• Mary's son James VI and I became King after Elizabeth in the Union of the Crowns in 1603.

The items on display capture the shock and tragedy of Mary's life.

Deadly affair

She remarried in 1565 to the Earl of Darnley. Soon after, Mary's secretary David Rizzio was stabbed to death by her new husband and a group of nobles.

They accused Rizzio of having an affair with Mary to gain influence in court.

As Mary's relationship with Darnley broke down she became close to her advisor, the Earl of Bothwell.

Mary and Darnley had a son in June 1566, but a year later her husband was killed following an explosion in Edinburgh.

Suspicion for the murder fell on Mary and Bothwell. This situation wasn't helped when Mary took Bothwell as husband number three just months after Darnley's death.

Wark picks out one item which suggests Mary's cousin Elizabeth I was keeping a close eye on these deadly affairs.

Royal espionage

"There is a fascinating satirical placard depicting Mary as a mermaid - a symbol, then, of prostitution," she says.

"Bothwell is represented as a hare, part of his family crest, referring to their alleged adulterous relationship. The little card was sent to Elizabeth I's ministers by an English spy."

Elizabeth and her supporters were wary of the Scots Queen, as Mary had a claim to the English throne through her great-grandfather Henry VII.

George Dalgleish, the National Museum of Scotland's Keeper of Scots History and Archaeology, says the placard is one of many artworks related to this 16th Century espionage.

Kirk o' Field map The Kirk o' Field map depicts the night of the Earl of Darnley's murder

"One of our most important objects is the map of Kirk o' Field," says Dalgleish. "It is a spy's map of the night of Darnley's murder.

"But it's more than just a map, it's a recording of the events of the night with cartoon-like drawings showing what happened. You can see Darnley's body lying in the field.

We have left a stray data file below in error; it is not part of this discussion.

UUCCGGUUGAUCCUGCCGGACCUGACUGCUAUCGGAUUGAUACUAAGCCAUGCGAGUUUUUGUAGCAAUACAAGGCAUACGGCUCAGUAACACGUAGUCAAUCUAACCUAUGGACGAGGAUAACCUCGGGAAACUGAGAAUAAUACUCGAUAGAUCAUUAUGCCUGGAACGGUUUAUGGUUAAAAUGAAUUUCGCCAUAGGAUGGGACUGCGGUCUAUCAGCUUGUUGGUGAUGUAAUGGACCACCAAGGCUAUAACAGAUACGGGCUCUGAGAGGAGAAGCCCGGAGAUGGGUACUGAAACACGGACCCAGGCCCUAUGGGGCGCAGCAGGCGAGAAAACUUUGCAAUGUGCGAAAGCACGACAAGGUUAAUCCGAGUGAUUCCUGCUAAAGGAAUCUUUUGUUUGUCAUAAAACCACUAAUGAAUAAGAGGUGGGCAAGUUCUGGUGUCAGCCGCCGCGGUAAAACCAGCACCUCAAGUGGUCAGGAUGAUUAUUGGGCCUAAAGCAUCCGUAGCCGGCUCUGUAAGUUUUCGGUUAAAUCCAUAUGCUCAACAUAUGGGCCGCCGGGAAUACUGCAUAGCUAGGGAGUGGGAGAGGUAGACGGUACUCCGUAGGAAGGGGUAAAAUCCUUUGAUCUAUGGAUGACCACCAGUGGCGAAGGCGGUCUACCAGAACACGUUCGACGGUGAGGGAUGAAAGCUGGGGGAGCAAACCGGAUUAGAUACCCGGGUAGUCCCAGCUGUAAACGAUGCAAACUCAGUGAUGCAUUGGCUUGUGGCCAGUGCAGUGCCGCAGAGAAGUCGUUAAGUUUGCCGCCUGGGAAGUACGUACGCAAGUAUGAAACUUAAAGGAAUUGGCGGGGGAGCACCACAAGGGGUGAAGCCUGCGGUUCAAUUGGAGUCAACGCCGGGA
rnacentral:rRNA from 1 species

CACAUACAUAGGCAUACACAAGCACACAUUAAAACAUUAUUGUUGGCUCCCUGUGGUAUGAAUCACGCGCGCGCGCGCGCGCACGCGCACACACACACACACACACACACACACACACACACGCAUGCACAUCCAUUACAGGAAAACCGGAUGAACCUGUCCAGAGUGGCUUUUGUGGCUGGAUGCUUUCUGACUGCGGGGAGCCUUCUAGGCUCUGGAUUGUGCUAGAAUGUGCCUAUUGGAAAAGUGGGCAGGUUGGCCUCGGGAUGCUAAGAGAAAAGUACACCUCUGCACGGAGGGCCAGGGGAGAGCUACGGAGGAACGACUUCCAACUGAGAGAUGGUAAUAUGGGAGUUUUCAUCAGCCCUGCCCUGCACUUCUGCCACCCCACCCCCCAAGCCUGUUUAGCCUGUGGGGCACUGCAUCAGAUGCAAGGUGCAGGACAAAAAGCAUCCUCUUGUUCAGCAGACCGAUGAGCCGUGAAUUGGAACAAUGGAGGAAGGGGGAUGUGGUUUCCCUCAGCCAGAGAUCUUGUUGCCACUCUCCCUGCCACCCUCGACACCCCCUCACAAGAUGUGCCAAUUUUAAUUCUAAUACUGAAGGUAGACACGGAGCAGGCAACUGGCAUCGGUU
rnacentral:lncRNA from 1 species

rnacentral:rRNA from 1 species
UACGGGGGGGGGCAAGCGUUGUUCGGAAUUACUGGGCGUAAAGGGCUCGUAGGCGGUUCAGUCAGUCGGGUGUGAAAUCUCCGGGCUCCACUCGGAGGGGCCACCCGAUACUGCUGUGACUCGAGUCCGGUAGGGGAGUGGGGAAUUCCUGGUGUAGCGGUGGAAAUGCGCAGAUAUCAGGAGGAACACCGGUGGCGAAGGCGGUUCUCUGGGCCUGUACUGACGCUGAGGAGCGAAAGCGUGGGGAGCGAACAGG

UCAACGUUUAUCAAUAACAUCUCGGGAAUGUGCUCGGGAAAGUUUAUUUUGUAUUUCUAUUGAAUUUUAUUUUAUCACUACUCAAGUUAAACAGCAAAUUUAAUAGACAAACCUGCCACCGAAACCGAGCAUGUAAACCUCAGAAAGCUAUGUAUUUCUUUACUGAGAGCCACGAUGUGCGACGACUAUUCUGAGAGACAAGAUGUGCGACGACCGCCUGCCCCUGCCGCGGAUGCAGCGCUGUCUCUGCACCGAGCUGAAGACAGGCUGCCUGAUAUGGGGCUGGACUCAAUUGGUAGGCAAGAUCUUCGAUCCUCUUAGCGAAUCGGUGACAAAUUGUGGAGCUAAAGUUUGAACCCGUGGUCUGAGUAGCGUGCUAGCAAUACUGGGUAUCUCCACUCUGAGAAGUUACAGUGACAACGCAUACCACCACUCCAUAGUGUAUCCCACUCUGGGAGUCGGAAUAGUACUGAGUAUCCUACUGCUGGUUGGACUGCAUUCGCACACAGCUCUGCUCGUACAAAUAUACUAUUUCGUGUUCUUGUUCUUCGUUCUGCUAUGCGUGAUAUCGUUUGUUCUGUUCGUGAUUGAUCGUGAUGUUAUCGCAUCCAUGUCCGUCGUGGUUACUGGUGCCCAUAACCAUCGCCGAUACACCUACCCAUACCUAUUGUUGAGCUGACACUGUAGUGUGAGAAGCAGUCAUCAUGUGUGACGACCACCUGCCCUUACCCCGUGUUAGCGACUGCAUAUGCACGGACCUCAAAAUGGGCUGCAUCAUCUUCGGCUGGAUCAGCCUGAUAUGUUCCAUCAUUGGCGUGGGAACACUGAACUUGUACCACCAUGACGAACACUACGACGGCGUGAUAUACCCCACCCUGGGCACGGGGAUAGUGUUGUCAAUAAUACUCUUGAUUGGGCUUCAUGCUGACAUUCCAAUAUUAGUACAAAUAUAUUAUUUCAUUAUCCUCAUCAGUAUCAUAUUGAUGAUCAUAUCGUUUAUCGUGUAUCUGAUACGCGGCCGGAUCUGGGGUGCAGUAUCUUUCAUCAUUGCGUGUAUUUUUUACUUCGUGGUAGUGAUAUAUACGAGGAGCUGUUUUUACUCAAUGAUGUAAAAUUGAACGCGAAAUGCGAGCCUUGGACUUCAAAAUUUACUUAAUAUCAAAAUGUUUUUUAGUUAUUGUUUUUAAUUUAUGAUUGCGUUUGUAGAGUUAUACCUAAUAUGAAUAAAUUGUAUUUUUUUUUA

"It was made by agents reporting to Elizabeth's spymaster William Cecil.

"It also gives a real sense of place - it happened at the location of our museum in Edinburgh today."

Mary In Edinburgh after Darnley's murder

After Darnley's death and Mary's third marriage, Scotland's nobles turned against her.

Teenage drama

Mary was jailed and Bothwell was exiled. Mary's infant son James became king. Mary escaped prison and sought help from Elizabeth, but she held her captive for 19 years.

Catholic Mary was eventually condemned to death after becoming the focus of a plot to assassinate her Protestant cousin. She was beheaded on 8 February 1587, at the age of 44.

Five centuries on, fascination with the objects in Edinburgh suggests public interest in Mary is showing no sign of waning.

Her story is even set to be retold as a big budget drama for teenage audiences in the US.

"People still get very exercised about Mary," adds Dalgleish. "Some saw her as a martyr for her cause, others as a jezebel in the pay of the Pope.

"Even today people still ask what side was she on. Was she complicit in what was going on around her?"

"She has a universal appeal. She was a strong and brave person, and was a woman in a man's world. Many of the issues from Mary's life still resonate today."

Edinburgh Festival: A Review Show Special is on BBC Four at 20:00 GMT on Sunday 11 August 2013, then afterwards on BBC iPlayer.